Graceful and Passionate
A Dancer Dies Twice
Monique is one of my favorite models at The Académie de la Grande Chaumière in Paris. She chooses poses from an artist's point of view - often exaggerated with an underlying tension; each has a natural quality appearing effortless. Her three-hour sessions are a unique gift that most likely stem from years of studying dance.
Over time I learn about her journey to become a professional ballerina and the final injury that crushes her dream. While most five-year-olds are laughing and playing with friends, she begins studying ballet and loves it. Her classmates are her playmates, and Arielle is her best friend throughout the years.
At fifteen, they leave home to attend the same dance boarding school and eagerly glide into its strict culture - one that demands rigorous discipline, and the slightest excuse is forbidden: students eat, sleep, and breathe dance.
Even though Arielle is the better dancer and surpasses Monique in many areas, including technique and musicality, jealousy does not intrude into their relationship. Each is the head cheerleader and main confidante for the other. Dance is their sole passion.
Unfortunately, Monique endures numerous injuries throughout her training and short-lived professional career. At twenty-six, she quits dancing to focus on repairing her body.
She attempts but fails to maintain her composure as she softly utters, "a dancer dies twice - my first death comes much sooner than I could ever anticipate." I listen intently without judgment. My heart breaks as she shares her journey filled with obstacles and turmoil. Lost in an unfamiliar world, she struggles unsuccessfully to move forward with a new purpose.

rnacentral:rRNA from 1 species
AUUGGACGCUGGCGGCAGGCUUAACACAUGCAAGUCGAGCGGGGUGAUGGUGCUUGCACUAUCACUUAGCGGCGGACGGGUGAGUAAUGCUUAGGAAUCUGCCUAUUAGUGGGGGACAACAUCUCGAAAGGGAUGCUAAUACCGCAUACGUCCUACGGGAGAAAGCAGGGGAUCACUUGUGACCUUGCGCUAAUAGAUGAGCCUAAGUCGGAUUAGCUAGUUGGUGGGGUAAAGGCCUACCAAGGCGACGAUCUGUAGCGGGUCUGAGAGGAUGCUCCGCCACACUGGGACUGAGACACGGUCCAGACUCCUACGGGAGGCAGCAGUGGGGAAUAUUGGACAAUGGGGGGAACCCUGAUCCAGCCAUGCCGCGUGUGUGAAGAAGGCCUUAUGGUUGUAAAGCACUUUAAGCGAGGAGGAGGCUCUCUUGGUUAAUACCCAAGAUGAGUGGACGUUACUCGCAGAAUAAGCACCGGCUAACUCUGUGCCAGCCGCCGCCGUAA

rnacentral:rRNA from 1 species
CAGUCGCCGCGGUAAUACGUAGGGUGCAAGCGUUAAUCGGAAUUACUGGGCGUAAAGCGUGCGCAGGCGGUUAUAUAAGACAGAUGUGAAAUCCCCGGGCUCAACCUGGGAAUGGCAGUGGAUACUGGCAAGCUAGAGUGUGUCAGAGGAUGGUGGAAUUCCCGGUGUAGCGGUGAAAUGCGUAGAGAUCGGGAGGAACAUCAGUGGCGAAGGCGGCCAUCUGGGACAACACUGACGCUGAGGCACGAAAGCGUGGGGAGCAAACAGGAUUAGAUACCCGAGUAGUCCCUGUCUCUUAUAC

At twenty-eight, her only stage is in the large room at The Académie - she is the star. I gaze nonstop at Monique, admiring her strength, grace, flexibility, and beauty. Wondering how I will ever capture her essence - I begin anew with each pose - never satisfied, but refusing to be defeated.
Sporadically she will break out into spontaneous movement - stopping suddenly to strike her next pose. The entire room fills with a mixture of sounds representing delight. Her elegance captivates me and mysteriously rips through my apprehension. Monique knows how to deliver a flawless session.
Models finish promptly at 5 p.m. We have ample time to gather and pack our materials carefully. Noticing Monique wrapped in her usual burnt orange fleece blanket - I capture the moment with my camera: a painting for another day.
Later, as we walk to Métro Vavin, she talks about her first performance with Arielle - one of her most treasured moments. Looking at me intently, she whispers, "we were adorable in our pink tutus and slippers."
There are no more words - only silence.
Comments on this post (3)
💕💜❤️💙. Like the chorus line song “ What I did for Love”. Sounds cliche but very true. You captured her beautifully.
— Beth Gayer
A beautiful depiction of this woman whose dream had to flex, like her bent body.
I loved the picture and the dancer. Life surely pulls us forward even if our dreams die. That’s the beauty of life…as humans, we get to create a new dream.❤️